I used to be against pitch clocks for all the typical aesthetic and romantic reasons, but also because the White Sox didn’t require one. But now that nobody followed their lead — not even the White Sox themselves — there’s no telling how slow the game could devolve without one. Should Major League Baseball implement one, it’s going to drastically change the way pitchers do business, but at least Minor League Baseball appears to be providing a working proof of concept when it’s up for discussion after the season.

Statcast also tracks hitters, but there’s a much narrower spread, with fewer than three seconds separating Josh Harrison (16.4) at the top and José Abreu (19.2) at the bottom. The tool was more useful to confirm my suspicion about Conor Gillaspie somehow moving slower than anybody during his time with the Sox, even though he didn’t have batting gloves to adjust.

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We had the opportunity last night to see the human rain delay, David Price, although he moves quicker now that he’s a reliever. His slow pace was a masterpiece in idiotic strategery where he sought to aggravate batters with his slow rhythm.

I was happy to see him get shelled, for no other reason than he pissed off every fan of the game with his antics.

Last edited 1 year ago by FishSox

Long breaks between pitches seem to let pitchers throw harder
It was a competitive advantage when teams like Boston were taking a uniquely long time. I, likewise, welcome the pitch clock and hope it will reduce pitchers throwing max effort. Hopefully the pitchers can be healthier and offense won’t be so suppressed.

Greg Nix

Wow, pretty vast difference! Great post, Jim. Definitely illustrates the need for a pitch clock.


Yes. This analysis of how much the game has changed in the recent past provides a good analogy to the NBA implementing the shot clock in 1954.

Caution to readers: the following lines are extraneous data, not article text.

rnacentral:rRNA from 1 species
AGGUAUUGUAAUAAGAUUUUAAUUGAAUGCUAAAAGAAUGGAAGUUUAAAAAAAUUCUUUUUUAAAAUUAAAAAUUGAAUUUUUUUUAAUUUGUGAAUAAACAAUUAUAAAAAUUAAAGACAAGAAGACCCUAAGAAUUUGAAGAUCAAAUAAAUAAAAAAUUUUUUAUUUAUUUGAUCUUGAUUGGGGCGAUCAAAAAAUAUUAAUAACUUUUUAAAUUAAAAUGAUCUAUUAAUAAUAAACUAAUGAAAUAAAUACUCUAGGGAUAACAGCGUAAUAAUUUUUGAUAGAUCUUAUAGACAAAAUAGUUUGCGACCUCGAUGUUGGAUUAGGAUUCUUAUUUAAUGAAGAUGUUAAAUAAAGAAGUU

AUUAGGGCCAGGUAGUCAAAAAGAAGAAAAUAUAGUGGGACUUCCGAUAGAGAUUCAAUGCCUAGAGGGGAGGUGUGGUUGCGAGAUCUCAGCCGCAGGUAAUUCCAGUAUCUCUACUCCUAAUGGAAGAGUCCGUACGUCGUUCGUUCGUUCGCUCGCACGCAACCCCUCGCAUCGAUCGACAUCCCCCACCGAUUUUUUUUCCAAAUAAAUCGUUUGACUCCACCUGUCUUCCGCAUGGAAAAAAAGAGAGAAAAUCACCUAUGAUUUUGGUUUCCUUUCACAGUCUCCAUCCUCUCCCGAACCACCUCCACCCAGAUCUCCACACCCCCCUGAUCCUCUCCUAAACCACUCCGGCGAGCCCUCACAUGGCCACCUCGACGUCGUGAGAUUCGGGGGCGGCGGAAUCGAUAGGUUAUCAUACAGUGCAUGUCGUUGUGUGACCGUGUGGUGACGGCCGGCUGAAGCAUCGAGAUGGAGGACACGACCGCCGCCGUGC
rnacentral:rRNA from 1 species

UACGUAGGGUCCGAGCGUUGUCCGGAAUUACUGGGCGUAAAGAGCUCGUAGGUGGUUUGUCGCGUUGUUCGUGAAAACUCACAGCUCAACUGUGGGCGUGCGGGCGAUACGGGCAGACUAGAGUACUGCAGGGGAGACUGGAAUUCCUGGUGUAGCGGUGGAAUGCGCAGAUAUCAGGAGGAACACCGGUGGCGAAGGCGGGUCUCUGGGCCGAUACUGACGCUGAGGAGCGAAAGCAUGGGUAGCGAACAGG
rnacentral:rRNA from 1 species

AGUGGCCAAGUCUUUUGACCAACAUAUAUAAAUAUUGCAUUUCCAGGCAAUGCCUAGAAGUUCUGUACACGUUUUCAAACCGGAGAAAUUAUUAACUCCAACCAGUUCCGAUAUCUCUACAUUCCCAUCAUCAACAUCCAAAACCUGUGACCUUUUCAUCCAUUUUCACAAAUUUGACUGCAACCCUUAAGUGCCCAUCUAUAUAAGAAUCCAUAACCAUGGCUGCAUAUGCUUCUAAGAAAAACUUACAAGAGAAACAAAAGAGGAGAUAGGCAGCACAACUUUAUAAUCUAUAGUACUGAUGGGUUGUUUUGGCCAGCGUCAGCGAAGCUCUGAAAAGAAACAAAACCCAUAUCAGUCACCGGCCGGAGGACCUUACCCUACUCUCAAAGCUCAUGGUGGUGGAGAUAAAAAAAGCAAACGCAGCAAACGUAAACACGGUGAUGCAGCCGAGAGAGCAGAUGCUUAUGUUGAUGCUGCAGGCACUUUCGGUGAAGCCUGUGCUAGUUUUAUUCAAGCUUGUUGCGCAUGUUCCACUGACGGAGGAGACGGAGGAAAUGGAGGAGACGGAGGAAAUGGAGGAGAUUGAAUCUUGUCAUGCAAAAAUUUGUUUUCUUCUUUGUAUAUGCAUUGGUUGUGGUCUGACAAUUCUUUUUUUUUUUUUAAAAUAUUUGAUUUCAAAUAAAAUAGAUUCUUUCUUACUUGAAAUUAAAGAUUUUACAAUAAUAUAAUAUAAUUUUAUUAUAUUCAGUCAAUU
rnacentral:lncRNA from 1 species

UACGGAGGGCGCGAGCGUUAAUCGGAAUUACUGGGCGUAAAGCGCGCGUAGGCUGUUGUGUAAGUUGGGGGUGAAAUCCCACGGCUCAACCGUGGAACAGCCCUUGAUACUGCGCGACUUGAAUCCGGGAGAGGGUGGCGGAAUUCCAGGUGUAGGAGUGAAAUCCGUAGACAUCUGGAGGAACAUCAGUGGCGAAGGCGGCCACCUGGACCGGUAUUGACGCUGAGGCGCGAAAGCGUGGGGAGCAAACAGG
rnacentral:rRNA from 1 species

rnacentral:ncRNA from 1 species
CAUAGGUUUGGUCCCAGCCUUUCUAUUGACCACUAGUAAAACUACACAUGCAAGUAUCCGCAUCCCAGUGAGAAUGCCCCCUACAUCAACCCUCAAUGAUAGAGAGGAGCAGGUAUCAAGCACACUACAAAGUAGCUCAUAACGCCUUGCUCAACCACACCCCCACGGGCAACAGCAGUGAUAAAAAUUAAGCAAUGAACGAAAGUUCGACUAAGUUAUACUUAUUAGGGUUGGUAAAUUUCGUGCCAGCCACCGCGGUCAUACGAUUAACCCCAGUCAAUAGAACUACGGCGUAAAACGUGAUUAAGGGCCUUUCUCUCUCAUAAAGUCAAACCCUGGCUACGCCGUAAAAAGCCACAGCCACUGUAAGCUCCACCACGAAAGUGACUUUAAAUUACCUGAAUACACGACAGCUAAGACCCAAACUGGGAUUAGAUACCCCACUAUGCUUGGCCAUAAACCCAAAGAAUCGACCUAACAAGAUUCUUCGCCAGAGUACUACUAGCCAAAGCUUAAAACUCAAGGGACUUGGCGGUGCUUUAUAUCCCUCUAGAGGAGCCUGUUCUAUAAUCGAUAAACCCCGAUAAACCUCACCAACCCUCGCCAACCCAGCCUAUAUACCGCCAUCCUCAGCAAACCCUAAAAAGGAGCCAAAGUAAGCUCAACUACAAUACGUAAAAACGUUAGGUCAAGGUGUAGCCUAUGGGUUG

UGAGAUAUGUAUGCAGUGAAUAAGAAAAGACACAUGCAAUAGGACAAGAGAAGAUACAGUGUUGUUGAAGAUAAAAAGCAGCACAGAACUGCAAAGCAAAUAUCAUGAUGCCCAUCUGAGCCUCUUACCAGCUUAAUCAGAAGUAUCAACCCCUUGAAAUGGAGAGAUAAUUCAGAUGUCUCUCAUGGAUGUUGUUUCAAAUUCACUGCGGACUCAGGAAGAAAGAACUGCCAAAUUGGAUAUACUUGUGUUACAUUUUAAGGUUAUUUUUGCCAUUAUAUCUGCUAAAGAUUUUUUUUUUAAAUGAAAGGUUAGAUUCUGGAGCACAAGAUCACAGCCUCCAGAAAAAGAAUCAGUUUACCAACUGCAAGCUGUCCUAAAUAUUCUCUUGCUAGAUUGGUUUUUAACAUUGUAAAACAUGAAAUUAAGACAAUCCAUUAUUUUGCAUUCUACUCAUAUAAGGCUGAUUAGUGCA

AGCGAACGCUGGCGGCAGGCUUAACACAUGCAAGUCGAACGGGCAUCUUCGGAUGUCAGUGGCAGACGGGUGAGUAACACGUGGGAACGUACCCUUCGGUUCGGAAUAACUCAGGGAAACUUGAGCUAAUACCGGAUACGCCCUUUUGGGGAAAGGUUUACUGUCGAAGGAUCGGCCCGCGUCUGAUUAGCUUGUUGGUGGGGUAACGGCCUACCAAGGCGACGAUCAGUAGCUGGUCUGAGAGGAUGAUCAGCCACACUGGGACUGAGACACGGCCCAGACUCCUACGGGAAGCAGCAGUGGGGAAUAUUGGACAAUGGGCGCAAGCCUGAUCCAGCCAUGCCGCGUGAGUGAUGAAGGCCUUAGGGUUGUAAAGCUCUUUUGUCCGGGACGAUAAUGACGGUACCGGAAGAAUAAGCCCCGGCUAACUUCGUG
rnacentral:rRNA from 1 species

It’s been eight years, and the league Ferris helped create is perilously close to becoming just another relic of the 1950s. Viewership has plummeted, causing the 18 original teams to dwindle to just nine. As the pace of the game has slowed to a halt, so too has the NBA’s notoriety. 

The trio can’t bear to watch the game they love erode at the hands of a statistical revelation, so they’re working on devising their own association.

Not only that, the Nationals, one of the speediest teams in the league, were being stymied from running their ideal offense. They were in search of a solution that would not only save the NBA, but the hopes of their team.

And so it was that, on the back of a napkin, the most important formula in NBA history was born. 

It was not the product of a painstaking regression analysis; no lofty arithmetic was required in the process. In fact, they probably didn’t even use a calculator. From analyzing box scores from the previous season, they merely deduced that the most entertaining games usually featured each team hoisting about sixty shots, or 120 per game. That number was divided by 48 minutes, or 2,880 seconds, the total time of an NBA game. The end product? 24 seconds.


This is funny. When I fall behind watching MLB tv you can basically watching pitch to pitch by clicking ahead between pitches. I think it’s 15 seconds per click.


Same. I watch almost all the games after the fact and regularly skip ahead to the next pitch. Ironically a 14 sec timer would make games longer for me because I’d have to watch them in their entirety.

Last edited 1 year ago by shaggy65

In 2010, Freddie Garcia was 53rd fastest out of 300+?

No way this is accurate.😒


I’m struck by how awful that 2017 staff was. A lot of names I don’t need to read again ever.


Incredible name.


It’s like a drunk’s third attempt to say Parking Meter


Hey, leave TLR out of this.